The amendments the Federal Law On Making Amendments to Some Laws of the Russian Federation on the Matters of Protection of Intellectual Rights in Information-Telecommunication Networks, also known as the Anti-pirate law, will enter into force on May 1st 2015. The Law will now cover not only video but also all the copyrighted content (software, music, books, etc.) with the exception of photo images. This Law grants law enforcement the ability to permanently block any website that posts illegal content has twice lost a lawsuit with the copyright holder.
The amendments to the Law were made in November 2014 while the Law itself entered into force August 2013.
Generally, the Anti-pirate law was the source of arguments and criticism by Internet users and the media-community alike. IT specialist Dmitry Zaitsev argued in June 2013 that this law would be counterproductive, as the intended measures would be archaic and the methods to be used by the Government would be superficial. Importantly, piracy in Russia, in Zaitsev’s opinion, is often caused the result of a shortage of accessible goods.
“One downloads movies not just because he or she wants to make damage to, say, the movie director. It just happens that a resident of a far-away town in Siberia has Internet access but no store with copyrighted disks in his/her community. When everyone has an opportunity to legally watch movies, then you can start punishing transgressors.”
The Head of the College of New Media and Communication Theory of the Moscow State University, journalist Ivan Zasursky calls the new piece of legislation “lobbied” and thinks that it brings threat to Russian film industry. The Russian viewer will now get even more far away from its products. Mosfilm uploaded its movie archive online making it open seemingly to avoid such probability. More than 500 movies are now available for free download to replace torrents.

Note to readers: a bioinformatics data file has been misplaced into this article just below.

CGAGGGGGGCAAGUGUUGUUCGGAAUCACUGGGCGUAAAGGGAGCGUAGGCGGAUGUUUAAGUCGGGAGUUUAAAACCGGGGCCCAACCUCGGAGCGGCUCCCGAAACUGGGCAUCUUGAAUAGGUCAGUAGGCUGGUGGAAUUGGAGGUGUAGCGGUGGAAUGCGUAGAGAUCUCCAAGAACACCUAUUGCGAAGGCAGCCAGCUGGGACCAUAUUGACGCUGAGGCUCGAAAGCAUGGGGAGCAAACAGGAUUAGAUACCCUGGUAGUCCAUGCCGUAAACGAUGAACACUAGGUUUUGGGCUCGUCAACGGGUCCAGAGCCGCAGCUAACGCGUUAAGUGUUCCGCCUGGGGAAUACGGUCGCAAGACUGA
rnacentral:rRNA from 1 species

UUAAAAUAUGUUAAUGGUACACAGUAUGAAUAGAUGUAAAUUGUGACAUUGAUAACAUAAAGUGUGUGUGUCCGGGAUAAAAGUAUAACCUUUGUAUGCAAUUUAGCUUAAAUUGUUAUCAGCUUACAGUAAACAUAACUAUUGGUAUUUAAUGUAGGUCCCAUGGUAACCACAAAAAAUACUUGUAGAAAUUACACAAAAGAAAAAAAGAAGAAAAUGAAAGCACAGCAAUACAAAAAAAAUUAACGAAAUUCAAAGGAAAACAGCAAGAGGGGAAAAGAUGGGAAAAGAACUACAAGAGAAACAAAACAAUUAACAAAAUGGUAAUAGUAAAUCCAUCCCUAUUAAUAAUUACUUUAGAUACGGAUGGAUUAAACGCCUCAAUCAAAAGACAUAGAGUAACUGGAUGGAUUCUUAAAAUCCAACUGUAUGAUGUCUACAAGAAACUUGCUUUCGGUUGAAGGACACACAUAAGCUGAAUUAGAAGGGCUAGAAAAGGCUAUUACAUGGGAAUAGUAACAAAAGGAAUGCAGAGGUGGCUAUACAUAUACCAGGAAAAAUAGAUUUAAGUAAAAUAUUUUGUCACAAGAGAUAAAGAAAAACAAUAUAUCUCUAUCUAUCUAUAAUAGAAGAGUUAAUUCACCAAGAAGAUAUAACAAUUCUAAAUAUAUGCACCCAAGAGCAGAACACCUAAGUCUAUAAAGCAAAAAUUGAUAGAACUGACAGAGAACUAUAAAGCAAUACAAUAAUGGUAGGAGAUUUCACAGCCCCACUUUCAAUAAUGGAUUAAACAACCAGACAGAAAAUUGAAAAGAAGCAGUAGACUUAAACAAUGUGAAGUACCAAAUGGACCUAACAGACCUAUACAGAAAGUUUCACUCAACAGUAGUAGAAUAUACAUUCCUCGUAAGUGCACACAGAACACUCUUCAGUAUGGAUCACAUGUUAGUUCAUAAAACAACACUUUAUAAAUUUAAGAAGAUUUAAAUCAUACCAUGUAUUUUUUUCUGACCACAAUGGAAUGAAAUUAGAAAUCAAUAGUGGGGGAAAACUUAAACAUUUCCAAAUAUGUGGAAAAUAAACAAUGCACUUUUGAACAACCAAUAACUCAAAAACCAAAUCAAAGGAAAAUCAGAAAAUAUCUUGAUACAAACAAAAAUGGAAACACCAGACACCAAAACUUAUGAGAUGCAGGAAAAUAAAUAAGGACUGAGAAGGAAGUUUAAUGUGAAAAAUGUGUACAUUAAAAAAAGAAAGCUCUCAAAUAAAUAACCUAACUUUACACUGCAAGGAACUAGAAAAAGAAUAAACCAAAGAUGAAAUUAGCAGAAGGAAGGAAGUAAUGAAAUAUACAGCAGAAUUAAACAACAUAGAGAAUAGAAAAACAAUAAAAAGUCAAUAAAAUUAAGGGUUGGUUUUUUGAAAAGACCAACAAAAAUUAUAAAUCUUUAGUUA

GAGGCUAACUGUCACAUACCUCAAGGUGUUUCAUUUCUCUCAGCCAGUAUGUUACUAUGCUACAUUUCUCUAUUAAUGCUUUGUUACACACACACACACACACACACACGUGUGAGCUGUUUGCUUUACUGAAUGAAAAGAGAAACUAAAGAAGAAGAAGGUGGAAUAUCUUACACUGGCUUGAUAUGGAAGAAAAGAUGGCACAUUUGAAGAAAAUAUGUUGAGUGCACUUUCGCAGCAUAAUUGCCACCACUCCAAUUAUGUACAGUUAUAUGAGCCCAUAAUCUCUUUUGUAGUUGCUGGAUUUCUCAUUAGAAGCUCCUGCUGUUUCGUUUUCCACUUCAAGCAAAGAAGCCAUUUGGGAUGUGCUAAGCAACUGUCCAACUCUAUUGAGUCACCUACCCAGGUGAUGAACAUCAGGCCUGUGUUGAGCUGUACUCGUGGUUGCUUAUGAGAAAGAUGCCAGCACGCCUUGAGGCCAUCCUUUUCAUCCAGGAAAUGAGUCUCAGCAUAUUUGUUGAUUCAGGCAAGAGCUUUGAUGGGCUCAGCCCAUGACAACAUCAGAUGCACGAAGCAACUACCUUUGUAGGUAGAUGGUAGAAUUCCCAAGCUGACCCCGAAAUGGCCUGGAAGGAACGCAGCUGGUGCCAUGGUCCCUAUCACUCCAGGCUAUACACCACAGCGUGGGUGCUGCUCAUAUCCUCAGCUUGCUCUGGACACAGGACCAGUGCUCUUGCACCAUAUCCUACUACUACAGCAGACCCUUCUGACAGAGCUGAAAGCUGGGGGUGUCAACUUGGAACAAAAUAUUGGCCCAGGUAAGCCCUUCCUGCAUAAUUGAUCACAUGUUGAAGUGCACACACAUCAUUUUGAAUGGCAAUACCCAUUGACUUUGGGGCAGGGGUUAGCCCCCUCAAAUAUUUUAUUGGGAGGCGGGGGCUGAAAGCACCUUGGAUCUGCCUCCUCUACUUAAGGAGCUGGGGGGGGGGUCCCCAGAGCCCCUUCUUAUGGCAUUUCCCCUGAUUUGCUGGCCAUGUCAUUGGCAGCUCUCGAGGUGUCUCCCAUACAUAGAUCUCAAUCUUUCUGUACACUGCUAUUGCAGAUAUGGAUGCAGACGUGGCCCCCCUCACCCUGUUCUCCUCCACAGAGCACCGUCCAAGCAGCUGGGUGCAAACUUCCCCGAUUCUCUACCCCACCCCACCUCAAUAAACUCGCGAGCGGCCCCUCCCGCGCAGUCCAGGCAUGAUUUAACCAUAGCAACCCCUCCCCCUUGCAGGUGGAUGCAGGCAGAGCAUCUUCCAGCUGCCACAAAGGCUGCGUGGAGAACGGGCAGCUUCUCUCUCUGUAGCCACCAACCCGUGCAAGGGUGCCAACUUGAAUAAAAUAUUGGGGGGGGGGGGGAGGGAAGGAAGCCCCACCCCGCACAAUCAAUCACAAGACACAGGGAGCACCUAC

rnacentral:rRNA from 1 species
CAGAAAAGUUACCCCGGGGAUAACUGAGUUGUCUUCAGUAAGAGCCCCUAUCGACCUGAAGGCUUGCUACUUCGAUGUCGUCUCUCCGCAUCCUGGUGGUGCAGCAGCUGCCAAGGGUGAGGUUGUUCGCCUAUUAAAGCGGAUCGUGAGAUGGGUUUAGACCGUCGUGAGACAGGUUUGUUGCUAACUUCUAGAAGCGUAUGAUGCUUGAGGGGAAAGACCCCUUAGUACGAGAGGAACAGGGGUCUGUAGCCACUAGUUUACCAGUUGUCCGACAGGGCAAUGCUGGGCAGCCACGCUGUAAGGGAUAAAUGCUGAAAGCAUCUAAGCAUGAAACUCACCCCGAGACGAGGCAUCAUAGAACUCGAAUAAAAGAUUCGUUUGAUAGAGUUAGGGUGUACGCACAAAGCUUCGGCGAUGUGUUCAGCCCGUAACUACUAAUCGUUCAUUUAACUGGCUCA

Some see trespassing of citizens’ constitutional rights in the new Law. Expert in copyright law, Elena Sherstoboeva believes it may be used for censorship and as a matter of fact is illegitimate. “Moscow City Court may now rule some interim measures based only on the demands of the owners of content without standard discussions and not depending on territorial jurisdiction. And this contradicts the Constitution of the Russian Federation directly”, — says she.
Though the majority of the major content owners support the Law, the law has not necessarily stopped online piracy. For example, Best Screenplay winner at the Cannes Film Festival Leviathan found its way online before the official premiere.
The leading publishing houses also would not feel more protected. The board of ACT publishing house has not yet seen any significant difference to be: “We used to come across several cases of our translations freely available online. We use the services of the Association to Protect Copyright in Internet (APCI), but the volumes are just overwhelming and one would not be able to track everything” – says a source in the publishing house. Nevertheless there some positive developments. Eksmo publishing house reports: “One could hardly find book by our top authors in Internet to download”.